Recommend a book for me to read
Wednesday, November 22, 2006

I suffered through, uh, I mean, I went through my first full-blown critique of my first short story in my Creative Writing class on Monday. It wasn't as bad as I was expecting it to be. People made valid comments. The most important thing I learned: I need to stop telling when I should be showing. That one keeps getting me.

And since the prof said the only way I'm going to stop is through practice, I thought I would read some books outside of my usual repertoire to see how the pros write. I know it won't help me completely (I think the best way would be a Pavlov's dog approach; someone needs to hit me every time I do a telling statement instead of a showing one ), but it'll be good for me to check out some other writing styles and see if I get inspired during the Christmas break.

So, suggest a book for me. And it can't be sci-fi, fantasy, or horror. I read that kind of stuff all the time. Unless you think this book is the most awesomest thing ever then maybe I'll check it out. And possibly no bestsellers. I have no ambition to read The Da vinci Code , though mainly because the thing looks really long and I won't have that much time.


Thursday, November 23, 2006 4:01 PM


Ooh! Ooh! Aah!
Just remembered a few more books:
Travelling With Clara (nonfic)
A Walk In The Woods (nonfic I think)
The Memory Of Running

Thursday, November 23, 2006 3:59 PM


No sci-fi, fantasy, or horror?
Well, that lets out just about everything I tend to read!

There was one fairly good book hubby borrowed recently. I can't remember all of the title but it was "somethingsomething" Or How I Learned To Stop Worrying And Love The Farm.
Story about a woman and her (also a woman) partner who end up raising sheep. Non fiction.

Other than that I can only recommend almost anything by some of my favorite authors:
Terry Pratchett
Niel Gaiman
Steven Brust
Connie Willis
Jasper Fforde
Barbara Hambly
Lois McMaster Bujold
Charles DeLint
Christopher Moore
Brian Jaques (children's)
Neal Stephenson
Tom Stoppard (playwright)
Diana Gabaldon
Ellis Peters

Some miscellaneous books:
Memoirs of a Geisha
Girl With A Pearl Earring
The Secret History Of The Pink Carnation
Accordion Crimes

Be prepared to have your beverage become nasally mobile with some of these authors. You have been warned. Also you may not be able to put the books down. Some of them are quite thick, start weight training now.

Thursday, November 23, 2006 2:28 PM


Ok...literary suggestions...let's see:

1) The Green Mile by Stephen King - it's funny, but this story is one of only two King novels I have read completely and not had to give up part of the way through. That and I think it's a great story that conveys a great idea without getting preachy or long-winded.

2) Any one of the "In Death" series of books by J.D. Robb. While they are set 5 decades from now...there are still great crime thrillers (with more than a touch of fluff and romance) and quick reads.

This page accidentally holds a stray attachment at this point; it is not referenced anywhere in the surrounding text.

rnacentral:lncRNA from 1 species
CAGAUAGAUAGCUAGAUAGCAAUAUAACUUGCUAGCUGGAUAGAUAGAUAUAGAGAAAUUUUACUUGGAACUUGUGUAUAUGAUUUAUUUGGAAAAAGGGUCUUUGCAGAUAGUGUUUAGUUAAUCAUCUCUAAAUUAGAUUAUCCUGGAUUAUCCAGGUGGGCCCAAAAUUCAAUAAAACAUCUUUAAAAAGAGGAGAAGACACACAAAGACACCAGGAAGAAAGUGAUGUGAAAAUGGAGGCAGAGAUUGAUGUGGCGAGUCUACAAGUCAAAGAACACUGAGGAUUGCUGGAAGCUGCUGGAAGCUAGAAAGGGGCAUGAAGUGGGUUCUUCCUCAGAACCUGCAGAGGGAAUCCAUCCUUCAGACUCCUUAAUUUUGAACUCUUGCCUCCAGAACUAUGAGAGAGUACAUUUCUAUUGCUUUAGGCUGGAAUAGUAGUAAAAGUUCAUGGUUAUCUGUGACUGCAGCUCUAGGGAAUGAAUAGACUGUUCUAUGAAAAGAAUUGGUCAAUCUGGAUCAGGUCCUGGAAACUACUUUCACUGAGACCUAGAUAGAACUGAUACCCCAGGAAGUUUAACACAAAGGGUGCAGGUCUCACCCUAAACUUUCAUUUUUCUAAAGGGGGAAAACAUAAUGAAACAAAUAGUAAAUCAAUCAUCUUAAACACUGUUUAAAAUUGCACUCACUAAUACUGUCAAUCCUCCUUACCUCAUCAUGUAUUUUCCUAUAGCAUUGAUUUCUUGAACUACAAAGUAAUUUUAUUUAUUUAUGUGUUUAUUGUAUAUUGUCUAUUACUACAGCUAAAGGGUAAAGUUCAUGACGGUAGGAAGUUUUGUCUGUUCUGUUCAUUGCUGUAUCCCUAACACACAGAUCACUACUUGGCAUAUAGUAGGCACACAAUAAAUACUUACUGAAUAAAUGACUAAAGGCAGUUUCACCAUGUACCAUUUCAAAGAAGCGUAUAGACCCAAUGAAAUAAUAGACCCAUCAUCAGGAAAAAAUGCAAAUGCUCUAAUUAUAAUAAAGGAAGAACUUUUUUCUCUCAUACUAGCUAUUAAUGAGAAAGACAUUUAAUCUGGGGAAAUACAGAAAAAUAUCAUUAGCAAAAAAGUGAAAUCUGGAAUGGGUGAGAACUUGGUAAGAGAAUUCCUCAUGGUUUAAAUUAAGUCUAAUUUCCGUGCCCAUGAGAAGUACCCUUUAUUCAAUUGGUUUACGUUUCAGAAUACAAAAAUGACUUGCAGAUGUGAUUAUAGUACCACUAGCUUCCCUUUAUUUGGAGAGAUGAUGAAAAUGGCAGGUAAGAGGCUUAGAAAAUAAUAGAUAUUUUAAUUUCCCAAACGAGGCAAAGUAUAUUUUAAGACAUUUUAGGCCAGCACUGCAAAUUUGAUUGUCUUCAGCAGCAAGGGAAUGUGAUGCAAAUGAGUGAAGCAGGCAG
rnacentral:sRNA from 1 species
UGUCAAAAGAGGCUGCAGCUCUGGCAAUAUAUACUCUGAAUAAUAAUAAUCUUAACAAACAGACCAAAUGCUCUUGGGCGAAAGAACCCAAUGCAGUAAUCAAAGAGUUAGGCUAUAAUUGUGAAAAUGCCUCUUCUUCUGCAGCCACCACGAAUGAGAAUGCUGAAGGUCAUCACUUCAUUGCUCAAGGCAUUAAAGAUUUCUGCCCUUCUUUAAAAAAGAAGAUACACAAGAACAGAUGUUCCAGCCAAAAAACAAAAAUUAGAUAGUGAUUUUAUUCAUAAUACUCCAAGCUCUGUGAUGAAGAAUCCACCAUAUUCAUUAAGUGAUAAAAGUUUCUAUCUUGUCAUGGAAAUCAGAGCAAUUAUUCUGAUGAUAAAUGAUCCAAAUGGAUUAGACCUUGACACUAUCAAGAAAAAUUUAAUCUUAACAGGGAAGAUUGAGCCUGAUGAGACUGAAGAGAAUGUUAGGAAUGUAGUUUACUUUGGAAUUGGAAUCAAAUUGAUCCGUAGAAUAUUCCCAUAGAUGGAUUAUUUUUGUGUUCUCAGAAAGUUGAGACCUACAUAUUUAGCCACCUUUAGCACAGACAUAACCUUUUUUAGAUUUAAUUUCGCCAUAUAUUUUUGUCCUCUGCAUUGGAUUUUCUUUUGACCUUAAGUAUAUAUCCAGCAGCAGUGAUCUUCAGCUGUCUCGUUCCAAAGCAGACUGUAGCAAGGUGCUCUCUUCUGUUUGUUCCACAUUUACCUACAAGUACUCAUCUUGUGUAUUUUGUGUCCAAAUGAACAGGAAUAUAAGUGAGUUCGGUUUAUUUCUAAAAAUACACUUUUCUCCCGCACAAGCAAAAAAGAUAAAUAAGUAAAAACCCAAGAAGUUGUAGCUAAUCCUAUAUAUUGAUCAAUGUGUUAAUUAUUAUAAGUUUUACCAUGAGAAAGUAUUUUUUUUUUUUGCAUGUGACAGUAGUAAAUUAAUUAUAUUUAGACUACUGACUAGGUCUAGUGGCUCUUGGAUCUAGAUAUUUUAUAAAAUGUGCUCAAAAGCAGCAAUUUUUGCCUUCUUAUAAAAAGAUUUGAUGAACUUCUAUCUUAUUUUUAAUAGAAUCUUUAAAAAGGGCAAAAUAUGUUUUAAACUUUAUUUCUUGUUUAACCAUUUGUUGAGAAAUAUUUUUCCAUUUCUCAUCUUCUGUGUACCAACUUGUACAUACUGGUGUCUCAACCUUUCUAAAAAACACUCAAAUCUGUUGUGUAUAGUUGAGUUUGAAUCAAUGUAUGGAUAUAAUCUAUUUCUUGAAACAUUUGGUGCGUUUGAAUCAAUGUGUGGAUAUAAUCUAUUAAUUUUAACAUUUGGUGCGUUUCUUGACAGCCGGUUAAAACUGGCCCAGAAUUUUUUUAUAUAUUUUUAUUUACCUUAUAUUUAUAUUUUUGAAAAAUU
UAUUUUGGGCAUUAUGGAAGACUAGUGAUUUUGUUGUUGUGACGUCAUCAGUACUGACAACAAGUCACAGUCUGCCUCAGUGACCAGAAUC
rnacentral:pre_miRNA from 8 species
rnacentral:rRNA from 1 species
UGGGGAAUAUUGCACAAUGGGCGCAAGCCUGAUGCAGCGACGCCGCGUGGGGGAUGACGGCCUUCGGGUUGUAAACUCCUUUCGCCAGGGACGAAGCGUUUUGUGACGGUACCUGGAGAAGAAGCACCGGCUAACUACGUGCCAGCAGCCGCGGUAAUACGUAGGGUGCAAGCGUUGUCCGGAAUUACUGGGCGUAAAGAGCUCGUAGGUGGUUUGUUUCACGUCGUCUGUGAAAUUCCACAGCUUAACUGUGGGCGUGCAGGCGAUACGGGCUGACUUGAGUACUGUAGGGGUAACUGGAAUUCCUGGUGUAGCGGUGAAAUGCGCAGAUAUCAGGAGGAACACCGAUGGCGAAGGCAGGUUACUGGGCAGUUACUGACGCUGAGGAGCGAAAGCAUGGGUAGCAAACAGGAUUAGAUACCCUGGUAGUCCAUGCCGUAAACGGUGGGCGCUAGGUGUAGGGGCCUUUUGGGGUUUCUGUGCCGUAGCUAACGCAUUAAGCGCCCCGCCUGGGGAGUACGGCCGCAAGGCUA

3) "The Killer Angels" by Michael Shaara - as a Browncoat and writer, you have to read this! It inspired Joss to do Firefly (totally or in part)! Plus it's edumacational;)

4) Any of the Temperance Brennan novels by Kathy Reichs, cuz while the books and the TV series are only marignally related to one another...they are fabulous reads;)

5) "Fifth Business" by Robertson Davies - as a Canadian and student of Queen's Univeristy, I sorta have to pimp Davies' work...but I thoroughly enjoyed how he explored the theme of actions with their consequences over a 25 year period. That and it explores Western history;)

Thursday, November 23, 2006 7:20 AM


Cannery Row by John Steinbeck. as far from sci-fi as you can get. only 112 pages, set during the Depression in Monterrey, not much happens , but let an old master wow you with poetic words. Lovely little character portraits.

Tho', if you're trying to write yourself, it may make you insanely jealous. " How does he do that?"

Thursday, November 23, 2006 5:12 AM


Good books - The Dumas Club by Arturo Perez Reverte

Miss Smilla's Feeling for Snow

The latter one particularly really drew me in, and I was slightly dazed when it finished.

I'd recommend C J Cherryh's Foreigner sequence, but we're up to book 9...

Wednesday, November 22, 2006 7:33 PM


Actually, I know the perfect book for you to read. A true classic. While it involves talking animals, it is by no means a fantasy. If anything, it's a nightmare written as a political allegory.

I am, of course, talking about ANIMAL FARM by George Orwell. Ever since it came out, it's been considered one of the best foctional books ever made. It'll help you understand how the fall of one opressive ruler (Czar Nicholas II) gave way to the rise of an even worse ruler (Stalin) and how one of the most powerful political ideologies (Communism) came to be. It's also a very thin book that you can polish off in a day.

Another book that you can polish off real quickly that's insanely funny, is BIG TROUBLE by Dave Barry. The movie it's based on is all right. But the book is infinitly funnier.

Another book that's borderline fantasy, but incredibly grounded in the real world is THE LOVELY BONES by Alice Sebold. It's a story about a 13 year old girl who was raped and murdered, and the book is told from her perspective as she looks down from heaven on her family and watches how they deal with her disappearance and death. I know it sounds like a fun read, but it's one of the most beautiful and inspirational books. And unless MGM steps in for Peter Jackson and gets his money that New Line's holding out from him so that they can have him direct THE HOBBIT, the adaptation of this book is going to be his next project. And that makes me more excited than anything else.


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